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Front. Public Health, 26 January 2023
Sec. Infectious Diseases: Epidemiology and Prevention
Volume 11 - 2023 |

Effects of smoking on the severity and transmission of pulmonary tuberculosis: A hospital-based case control study

Yanmei Feng1 Yue Xu2 Yuan Yang3 Guangzhao Yi4 Huan Su1 Hong Chen1 Rui Guo5* Jinwei Jia6* Pu Wang1*
  • 1Department of Respiratory and Critical Care Medicine, The First Affiliated Hospital of Chongqing Medical University, Chongqing, China
  • 2Department of Infectious Disease, The First People's Hospital of Chongqing Liang Jiang New Area, Chongqing, China
  • 3Department of Cardiology, The First Affiliated Hospital of Chongqing Medical University, Chongqing, China
  • 4Department of Hospital Infection-Control, The First Affiliated Hospital of Chongqing Medical University, Chongqing, China
  • 5Department of Critical Care Medicine, The First Affiliated Hospital of Chongqing Medical University, Chongqing, China
  • 6Department of Respiratory Medicine, Chongqing Emergency Medical Center, Chongqing University Central Hospital, Chongqing, China

Introduction: There is a high incidence of both smoking and tuberculosis (TB) in China. This study examined the risk factors for severe pulmonary TB (PTB) and positive tubercle bacilli in sputum.

Methods: We conducted a retrospective case-control study in a tertiary hospital from January 2017 to December 2018 (n = 917). The clinical and biological characteristics of patients were collected, and univariable and multivariable logistic regression analyses were performed to assess the factors associated with smoking in terms of the severity and transmission of PTB.

Results: Positive tubercle bacilli in sputum and severe PTB were much higher in smoking patients. Together with nutrition status, heavy smoking exhibited a 284% greater risk in severe PTB. Positive tubercle bacilli in sputum was significantly associated with hypoproteinemia and smoking regardless of the status, duration, and degree.

Conclusion: Because cigarette smoking was strongly and inversely associated with hypoproteinemia, we conclude that smoking plays a critical role in the severity and transmission of PTB. Smoking cessation interventions should be employed to prevent severe PTB and decrease the transmission of PTB.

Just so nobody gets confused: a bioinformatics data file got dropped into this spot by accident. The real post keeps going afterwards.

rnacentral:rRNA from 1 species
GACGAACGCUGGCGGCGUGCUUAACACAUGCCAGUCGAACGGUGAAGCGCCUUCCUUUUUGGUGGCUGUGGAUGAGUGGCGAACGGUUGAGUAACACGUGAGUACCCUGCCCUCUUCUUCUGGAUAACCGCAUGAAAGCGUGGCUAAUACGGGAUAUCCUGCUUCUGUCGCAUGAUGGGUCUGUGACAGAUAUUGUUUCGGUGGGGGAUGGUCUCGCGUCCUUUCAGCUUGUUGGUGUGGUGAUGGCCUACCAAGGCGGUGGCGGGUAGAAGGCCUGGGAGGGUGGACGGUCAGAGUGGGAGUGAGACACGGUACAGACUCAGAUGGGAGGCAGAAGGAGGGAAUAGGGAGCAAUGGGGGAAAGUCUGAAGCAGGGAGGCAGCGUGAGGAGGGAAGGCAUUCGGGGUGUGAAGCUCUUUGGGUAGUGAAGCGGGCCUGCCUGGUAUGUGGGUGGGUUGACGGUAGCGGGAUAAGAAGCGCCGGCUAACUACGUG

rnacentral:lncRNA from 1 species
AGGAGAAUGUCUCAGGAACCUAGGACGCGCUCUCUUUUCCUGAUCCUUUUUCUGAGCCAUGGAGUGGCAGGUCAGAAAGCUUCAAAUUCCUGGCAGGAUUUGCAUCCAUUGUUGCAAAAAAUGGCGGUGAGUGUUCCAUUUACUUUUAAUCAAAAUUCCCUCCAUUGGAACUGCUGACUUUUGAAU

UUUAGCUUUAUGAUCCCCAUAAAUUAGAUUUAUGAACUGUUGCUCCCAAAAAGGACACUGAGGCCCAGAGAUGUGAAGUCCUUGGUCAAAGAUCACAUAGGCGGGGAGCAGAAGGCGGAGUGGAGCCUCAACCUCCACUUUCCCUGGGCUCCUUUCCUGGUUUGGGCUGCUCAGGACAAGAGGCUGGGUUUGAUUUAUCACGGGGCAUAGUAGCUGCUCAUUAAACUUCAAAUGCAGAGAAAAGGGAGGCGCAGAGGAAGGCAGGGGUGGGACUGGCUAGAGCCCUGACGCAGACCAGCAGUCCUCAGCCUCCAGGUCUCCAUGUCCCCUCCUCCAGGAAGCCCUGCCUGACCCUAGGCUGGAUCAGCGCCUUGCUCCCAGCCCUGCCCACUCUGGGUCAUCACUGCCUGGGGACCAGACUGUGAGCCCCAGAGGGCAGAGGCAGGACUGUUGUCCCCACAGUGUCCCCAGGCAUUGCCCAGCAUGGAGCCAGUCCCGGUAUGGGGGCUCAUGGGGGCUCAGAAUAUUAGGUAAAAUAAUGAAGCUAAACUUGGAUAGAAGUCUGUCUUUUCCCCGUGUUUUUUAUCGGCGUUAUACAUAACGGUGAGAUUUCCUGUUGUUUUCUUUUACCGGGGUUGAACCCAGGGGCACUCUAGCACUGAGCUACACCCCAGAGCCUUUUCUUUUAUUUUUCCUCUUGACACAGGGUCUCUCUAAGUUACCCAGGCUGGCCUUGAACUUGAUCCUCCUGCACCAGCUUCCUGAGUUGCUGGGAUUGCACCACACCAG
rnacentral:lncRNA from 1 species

Although efforts are underway worldwide to end the global tuberculosis (TB) epidemic, TB remains a leading cause of infectious disease, creating a significant public health burden worldwide. As reported by WHO, in 2021, an estimated 10.6 million people were infected with TB, and 1.6 million people died from it (1). Currently, evidence of the impact of smoking on TB is growing (24). China, which has a high TB burden, also ranks among the top countries in the world in the number of smokers, particularly among adolescents (5). It has been estimated that if 80% coverage by the WHO-recommended strategy for TB control (directly observed treatment, short-course chemotherapy, or DOTS) is sustained, complete smoking cessation and complete elimination of solid fuel use by 2033 would reduce the projected annual TB incidence by 14–52% (6). Therefore, to achieve the goal of ending TB by 2035, it is important to understand the characteristics of smoking-related TB. Previous studies of smoking-related TB have largely focused on the risk of developing TB, treatment outcomes, and prognoses (2, 7). Amere et al. (2) estimated the incidence and mortality of TB among smoking patients in 32 high-TB-burden countries, reporting 17.6% (95%CI = 8.4–21.4) TB cases and 15.2% (95%CI = 15.9–37.6) TB mortality attributable to smoking. Burusie et al. (8) systematically reviewed 22 studies and found that smoking significantly increased the likelihood of poor TB outcomes by 51% (OR = 1.51, 95%CI = 1.3–1.70, I-square = 75.1%). These findings are notable, but to the best of our knowledge, there is little information available about the severity and transmission of the disease in smoking patients with PTB, particularly in China.